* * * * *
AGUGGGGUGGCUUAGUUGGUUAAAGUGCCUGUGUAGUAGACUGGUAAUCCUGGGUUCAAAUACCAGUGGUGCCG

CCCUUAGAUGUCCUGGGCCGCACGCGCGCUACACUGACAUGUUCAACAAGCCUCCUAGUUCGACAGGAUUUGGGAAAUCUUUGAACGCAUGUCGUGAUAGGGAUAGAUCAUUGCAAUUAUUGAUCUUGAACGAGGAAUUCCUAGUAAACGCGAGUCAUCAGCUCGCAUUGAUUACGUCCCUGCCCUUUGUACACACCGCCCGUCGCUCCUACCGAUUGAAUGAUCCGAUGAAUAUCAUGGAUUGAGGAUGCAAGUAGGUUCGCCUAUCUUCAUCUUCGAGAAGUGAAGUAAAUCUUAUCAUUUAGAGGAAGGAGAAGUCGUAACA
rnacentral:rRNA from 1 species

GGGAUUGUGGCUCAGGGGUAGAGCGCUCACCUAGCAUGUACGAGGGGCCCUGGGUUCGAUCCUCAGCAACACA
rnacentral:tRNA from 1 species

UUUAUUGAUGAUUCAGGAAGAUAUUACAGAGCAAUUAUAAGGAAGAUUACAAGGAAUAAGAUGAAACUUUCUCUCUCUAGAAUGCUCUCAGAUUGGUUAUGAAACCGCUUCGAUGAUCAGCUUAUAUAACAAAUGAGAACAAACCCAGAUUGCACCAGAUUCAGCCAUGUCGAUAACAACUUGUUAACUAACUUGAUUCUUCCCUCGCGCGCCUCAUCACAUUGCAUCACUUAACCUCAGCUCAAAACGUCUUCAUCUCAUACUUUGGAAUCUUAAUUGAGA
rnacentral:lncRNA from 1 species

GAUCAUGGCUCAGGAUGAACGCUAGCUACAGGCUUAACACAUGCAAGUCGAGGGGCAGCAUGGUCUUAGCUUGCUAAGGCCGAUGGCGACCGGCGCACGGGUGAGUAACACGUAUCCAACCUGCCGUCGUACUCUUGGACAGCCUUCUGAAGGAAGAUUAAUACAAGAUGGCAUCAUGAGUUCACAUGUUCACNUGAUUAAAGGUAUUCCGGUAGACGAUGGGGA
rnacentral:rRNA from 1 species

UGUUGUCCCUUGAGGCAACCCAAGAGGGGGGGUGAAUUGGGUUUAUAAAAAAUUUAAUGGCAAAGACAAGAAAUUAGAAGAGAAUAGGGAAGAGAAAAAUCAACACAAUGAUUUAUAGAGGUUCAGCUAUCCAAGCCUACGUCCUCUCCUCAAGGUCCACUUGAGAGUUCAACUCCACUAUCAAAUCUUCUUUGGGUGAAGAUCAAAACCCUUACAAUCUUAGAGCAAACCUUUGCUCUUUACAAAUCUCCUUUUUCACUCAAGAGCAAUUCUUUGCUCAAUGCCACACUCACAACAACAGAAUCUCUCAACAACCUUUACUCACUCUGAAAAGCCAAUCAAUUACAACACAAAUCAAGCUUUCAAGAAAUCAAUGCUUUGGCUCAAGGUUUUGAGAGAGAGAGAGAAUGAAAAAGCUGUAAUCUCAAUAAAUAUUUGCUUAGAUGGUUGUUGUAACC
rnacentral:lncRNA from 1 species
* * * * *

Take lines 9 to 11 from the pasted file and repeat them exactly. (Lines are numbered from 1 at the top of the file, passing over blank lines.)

rnacentral:rRNA from 1 species

UGUUGUCCCUUGAGGCAACCCAAGAGGGGGGGUGAAUUGGGUUUAUAAAAAAUUUAAUGGCAAAGACAAGAAAUUAGAAGAGAAUAGGGAAGAGAAAAAUCAACACAAUGAUUUAUAGAGGUUCAGCUAUCCAAGCCUACGUCCUCUCCUCAAGGUCCACUUGAGAGUUCAACUCCACUAUCAAAUCUUCUUUGGGUGAAGAUCAAAACCCUUACAAUCUUAGAGCAAACCUUUGCUCUUUACAAAUCUCCUUUUUCACUCAAGAGCAAUUCUUUGCUCAAUGCCACACUCACAACAACAGAAUCUCUCAACAACCUUUACUCACUCUGAAAAGCCAAUCAAUUACAACACAAAUCAAGCUUUCAAGAAAUCAAUGCUUUGGCUCAAGGUUUUGAGAGAGAGAGAGAAUGAAAAAGCUGUAAUCUCAAUAAAUAUUUGCUUAGAUGGUUGUUGUAACC
rnacentral:lncRNA from 1 species